EADs to cut 5,800 jobs as part of major overhaul
By The Associated Press
Dec. 9, 2013, Paris, Fra. - European air and defence company EADS, the parent company of Airbus, said Monday it is cutting 5,800 jobs over the next two years as part of a major overhaul to reduce costs and refocus on civil aviation.
By The Associated Press
The company said in a statement that the jobs would be eliminated
from its corporate and space and defence divisions by the end of 2016.
The many space and defence divisions will be combined into one arm, to
be called Airbus DS.
EADS, which is changing its overall name to Airbus, is also
getting rid of its corporate headquarters, just outside Paris, and
moving staff to another site, also outside Paris.
The company had once sought to
become less dependent on its civil aircraft business with a goal of
increasing its defence business, maker of the A400M European freighter,
to around half of total revenue. A major part of that plan was a
proposed merger with British defence company BAE Systems. The merger
would have created a company with a market value just shy of Airbus
rival Boeing's and one with a more equal balance of civil aviation and
defence. Currently, the civil aircraft business makes up almost 70 per
cent of EADS' group sales.
Objections from the French, German and British
government scuttled the merger, and the global economic downturn, which
forced governments to drastically cut military spending, has made the
defence business a much more difficult one.
Meanwhile, as the emerging world takes to the
skies, the civil aircraft business is thriving.
Boeing, for instance,
forecasts that over the next 20 years the global demand for new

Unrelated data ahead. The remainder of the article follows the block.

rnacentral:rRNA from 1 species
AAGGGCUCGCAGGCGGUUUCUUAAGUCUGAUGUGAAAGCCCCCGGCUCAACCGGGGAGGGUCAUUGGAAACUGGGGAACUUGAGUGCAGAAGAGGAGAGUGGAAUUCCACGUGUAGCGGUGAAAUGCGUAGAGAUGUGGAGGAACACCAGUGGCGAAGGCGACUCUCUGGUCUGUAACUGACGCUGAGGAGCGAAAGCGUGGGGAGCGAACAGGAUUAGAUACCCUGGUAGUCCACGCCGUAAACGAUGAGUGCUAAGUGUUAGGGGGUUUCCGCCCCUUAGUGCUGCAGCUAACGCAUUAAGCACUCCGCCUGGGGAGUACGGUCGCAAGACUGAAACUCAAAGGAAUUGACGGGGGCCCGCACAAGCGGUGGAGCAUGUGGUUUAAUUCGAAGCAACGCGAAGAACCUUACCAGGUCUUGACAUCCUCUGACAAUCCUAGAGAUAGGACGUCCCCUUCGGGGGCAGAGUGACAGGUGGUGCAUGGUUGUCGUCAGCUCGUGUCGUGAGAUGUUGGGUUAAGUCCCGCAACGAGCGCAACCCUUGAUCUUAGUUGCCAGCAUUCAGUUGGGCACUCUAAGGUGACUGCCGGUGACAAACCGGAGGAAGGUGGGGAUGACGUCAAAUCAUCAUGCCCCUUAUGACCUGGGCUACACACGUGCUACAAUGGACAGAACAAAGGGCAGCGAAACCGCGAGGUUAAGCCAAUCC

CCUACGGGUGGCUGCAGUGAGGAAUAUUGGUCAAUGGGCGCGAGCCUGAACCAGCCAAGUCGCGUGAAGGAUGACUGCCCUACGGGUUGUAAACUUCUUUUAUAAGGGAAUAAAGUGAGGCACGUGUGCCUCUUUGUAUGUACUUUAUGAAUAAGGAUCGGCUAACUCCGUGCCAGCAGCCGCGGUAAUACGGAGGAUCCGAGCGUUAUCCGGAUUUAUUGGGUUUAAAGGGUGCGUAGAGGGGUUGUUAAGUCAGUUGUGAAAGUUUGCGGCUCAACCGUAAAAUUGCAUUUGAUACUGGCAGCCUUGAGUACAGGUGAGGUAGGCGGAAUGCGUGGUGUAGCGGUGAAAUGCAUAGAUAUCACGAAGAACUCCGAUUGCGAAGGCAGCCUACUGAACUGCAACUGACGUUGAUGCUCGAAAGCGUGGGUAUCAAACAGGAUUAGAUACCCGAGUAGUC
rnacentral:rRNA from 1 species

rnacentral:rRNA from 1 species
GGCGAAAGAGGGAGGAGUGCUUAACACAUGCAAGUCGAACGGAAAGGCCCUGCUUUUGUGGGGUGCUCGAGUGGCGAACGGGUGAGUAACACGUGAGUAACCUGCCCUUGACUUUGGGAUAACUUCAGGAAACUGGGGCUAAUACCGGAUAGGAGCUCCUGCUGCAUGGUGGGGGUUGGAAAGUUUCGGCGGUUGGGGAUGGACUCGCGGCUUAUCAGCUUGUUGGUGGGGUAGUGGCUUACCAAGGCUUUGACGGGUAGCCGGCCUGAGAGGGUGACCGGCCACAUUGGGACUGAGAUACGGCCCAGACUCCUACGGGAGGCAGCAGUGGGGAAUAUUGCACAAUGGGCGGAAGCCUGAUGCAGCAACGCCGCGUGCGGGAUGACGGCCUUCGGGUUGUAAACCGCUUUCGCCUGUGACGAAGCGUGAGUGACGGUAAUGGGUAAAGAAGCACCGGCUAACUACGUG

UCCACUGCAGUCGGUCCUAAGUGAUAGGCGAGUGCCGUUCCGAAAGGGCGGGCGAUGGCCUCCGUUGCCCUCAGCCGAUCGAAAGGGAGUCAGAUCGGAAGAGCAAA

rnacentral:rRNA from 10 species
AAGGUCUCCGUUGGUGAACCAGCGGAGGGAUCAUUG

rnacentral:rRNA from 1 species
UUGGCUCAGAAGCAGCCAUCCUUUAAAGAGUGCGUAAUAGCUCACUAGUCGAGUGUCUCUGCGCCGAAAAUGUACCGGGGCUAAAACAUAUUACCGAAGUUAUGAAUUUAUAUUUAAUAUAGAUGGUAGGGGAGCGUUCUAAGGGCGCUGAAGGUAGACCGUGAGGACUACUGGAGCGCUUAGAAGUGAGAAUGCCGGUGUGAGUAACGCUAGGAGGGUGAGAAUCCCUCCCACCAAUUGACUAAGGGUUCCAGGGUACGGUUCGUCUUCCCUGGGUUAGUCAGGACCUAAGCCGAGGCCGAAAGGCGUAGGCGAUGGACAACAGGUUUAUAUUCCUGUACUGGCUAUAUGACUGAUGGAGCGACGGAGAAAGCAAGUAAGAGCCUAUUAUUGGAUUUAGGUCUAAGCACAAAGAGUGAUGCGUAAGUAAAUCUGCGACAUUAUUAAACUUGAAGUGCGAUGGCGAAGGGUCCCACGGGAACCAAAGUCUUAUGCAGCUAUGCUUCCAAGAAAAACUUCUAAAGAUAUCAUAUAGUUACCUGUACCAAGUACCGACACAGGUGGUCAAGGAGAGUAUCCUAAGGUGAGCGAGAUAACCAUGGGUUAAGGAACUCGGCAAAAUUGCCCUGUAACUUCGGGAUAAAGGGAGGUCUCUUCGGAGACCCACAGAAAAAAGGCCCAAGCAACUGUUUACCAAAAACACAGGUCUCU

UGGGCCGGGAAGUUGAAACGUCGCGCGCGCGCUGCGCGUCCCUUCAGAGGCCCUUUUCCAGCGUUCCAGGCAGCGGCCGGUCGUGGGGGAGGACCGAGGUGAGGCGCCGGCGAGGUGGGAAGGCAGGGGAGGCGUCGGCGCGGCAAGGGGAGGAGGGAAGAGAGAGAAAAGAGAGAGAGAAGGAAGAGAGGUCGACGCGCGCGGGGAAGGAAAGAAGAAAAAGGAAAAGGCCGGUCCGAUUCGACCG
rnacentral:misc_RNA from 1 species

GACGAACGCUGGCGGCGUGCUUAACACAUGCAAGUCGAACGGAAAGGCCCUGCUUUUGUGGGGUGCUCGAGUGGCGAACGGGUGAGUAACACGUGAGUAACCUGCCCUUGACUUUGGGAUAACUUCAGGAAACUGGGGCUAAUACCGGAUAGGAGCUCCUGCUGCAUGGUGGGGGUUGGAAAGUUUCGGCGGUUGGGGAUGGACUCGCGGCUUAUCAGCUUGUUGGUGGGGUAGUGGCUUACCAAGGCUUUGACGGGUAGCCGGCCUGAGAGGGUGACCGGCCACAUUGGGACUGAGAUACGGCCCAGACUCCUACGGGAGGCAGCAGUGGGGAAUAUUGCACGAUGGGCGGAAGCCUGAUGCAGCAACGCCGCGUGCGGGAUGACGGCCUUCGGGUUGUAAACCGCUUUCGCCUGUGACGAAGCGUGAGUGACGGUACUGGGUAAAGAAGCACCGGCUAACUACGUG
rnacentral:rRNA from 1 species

airplanes will exceed 35,000 aircraft, valued at $4.8 trillion.
EADS' net earnings rose 45 per cent in the third quarter, to 436 million euros.
But CEO Tom Enders said Monday that the cuts
were necessary if the company is going to compete and attract defence
and space customers in growing markets outside Europe, which is not
doing as well.
"We need to cut costs, eliminate product and
resource overlaps, create synergies in our operations and product
portfolio and better focus our Research and Development efforts," he
EADS said it would offer up to
1,500 of those laid off positions at Airbus or Eurocopter. Another 1,300
positions will be eliminated by non-renewal of temporary contracts.
After offering voluntary plans to employees, EADS expects to have to
make 1,000 to 1,450 outright layoffs.
The company, which has most of its operations in
France, Germany, Spain and Britain, did not specify where the cuts
would be made.
Unions in France had warned the restructuring
would entail layoffs and called on the French government to intervene,
saying that the weakening of EADS would have consequences for the entire
French economy. French industry has been hit especially hard by the
crisis, but was in decline even before the global recession hit. The
loss of manufacturing jobs is one reason its unemployment rate is so
high, currently at 10.9 per cent.
"The aeronautical, space and defence
sector is a major asset for national industry, and we will not accept
that it is weakened for reasons of short-term profitability," unions
that represent EADS workers wrote in a letter to the prime minister last